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Tesla vs Exxon: Fossil fuels hit back at green revolution as XOM market cap overtakes TSLA

By Jenal Mehta

12:45, 21 December 2022

tesla electric pump
Oil companies surpass tech stocks – Photo: Getty Images

Tesla's (TSLA) market capitalisation surpassed that of Exxon Mobil (XOM) for the first time since 2020 as price correction and sector rotation came into play as the stock market once again becomes wary of a recession.

Tesla’s shares peaked in November 2021 after growing almost 200% in value since 2019. It has been on a decline since, losing more than two thirds of that gain.

One of the major reasons for this downward push is likely coming from the erratic behaviour of the EV maker’s CEO Elon Musk.

A bigger trend of sector rotation is also at play, with investors moving away from growth stocks such as Tesla and moving towards value stocks such as Exxon Mobil (XOM) as recession fears deepen. Analysts say this could be a major theme of 2023.

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Tesla (TSLA) Price Chart 

Why is Tesla stock falling?

One of the biggest setbacks for Tesla share price has been its own CEO and his capricious behaviour. Elon Musk has partly funded his $44bn buy out of Twitter with his private money. He has sold $22bn worth of TSLA stock since he made his offer for Twitter.

However, it’s the very same maverick nature of Musk which may be the reason behind why Tesla is trading at a premium compared to its peers. Tesla’s P/E sits at around 38, even reaching a peak of 60 in 2022. While competing EV makers such as Rivian (RVIN) and Lucid (LCID) have a p/e of less than 3.

Even other car makers such as Ford (F) and Volkswagen (VOW3) maintain a p/e of around 3 to 6.

Markets may be realising this overvaluation as Musk’s behaviour begins to sit uncomfortably. His stepping down from Twitter may now be a saving grace for Tesla shareholders.

Danni Hewson, AJ Bell Financial Analyst says: “Mr Musk’s split focus is troubling, especially at a time when expectations are that Tesla’s next set of financial results won’t look too pretty.”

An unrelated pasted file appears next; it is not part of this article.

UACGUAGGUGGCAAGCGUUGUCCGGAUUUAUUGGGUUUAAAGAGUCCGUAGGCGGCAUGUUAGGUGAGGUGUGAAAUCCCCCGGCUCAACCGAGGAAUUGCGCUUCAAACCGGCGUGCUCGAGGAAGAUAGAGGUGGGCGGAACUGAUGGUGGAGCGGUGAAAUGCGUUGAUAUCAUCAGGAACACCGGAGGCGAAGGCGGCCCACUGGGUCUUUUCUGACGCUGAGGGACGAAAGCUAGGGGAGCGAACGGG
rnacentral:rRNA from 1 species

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Ford (F) Price Chart

Market moves away from growth stocks

Beyond the stock specific reasons for Tesla price falling, the trends in the broader market suggest the downward push is coming from investors moving away from growth stocks such as Tesla, and moving towards value stocks such as Exxon and other commodity companies.

A number of growth stocks gained tremendous momentum at the start of the year just as commodity stocks came down from a historic high.

In 2020, commodity companies, particularly oil majors such as Exxon Mobil (XOM), BP (BP), Shell (RDS), saw a historically high income. While growth companies struggled.

However it would only be less than two years before growth companies would rebound. During the beginning of 2022, stocks of Alphabet (GOOG), Microsoft (MSFT), Tesla (TSLA) soared. Apple (AAPL) even briefly crossed a historic $1trn valuation.

This was an indication that the market had relaxed out of recessionary fears.

Now the market appears to be in fear again and returning to the trends of 2020, and analysts believe this is likely to carry on into 2023

Daniel Grosvenor, director of global equity strategy at Oxford Economics comments: “We believe growth stocks will continue to underperform against this macro backdrop. Growth valuations remain elevated versus historic norms, and we believe that the growth universe is relatively vulnerable to the coming downturn due to its sector tilts.”

As Musk said in a tweet: “Tesla will be great long-term, but doesn’t control macroeconomic tides.”

Markets in this article

GOOG
Alphabet Inc - C (Extended Hours)
183.37 USD
-2.16 -1.170%
GOOGL
Alphabet Inc - A (Extended Hours)
181.73 USD
-1.88 -1.020%
AAPL
Apple Inc (Extended Hours)
229.71 USD
-5.47 -2.330%
BP.
BP - GBP
4.540 USD
0.058 +1.300%
XOM
Exxon Mobil Corp (Extended Hours)
117.78 USD
1.31 +1.130%

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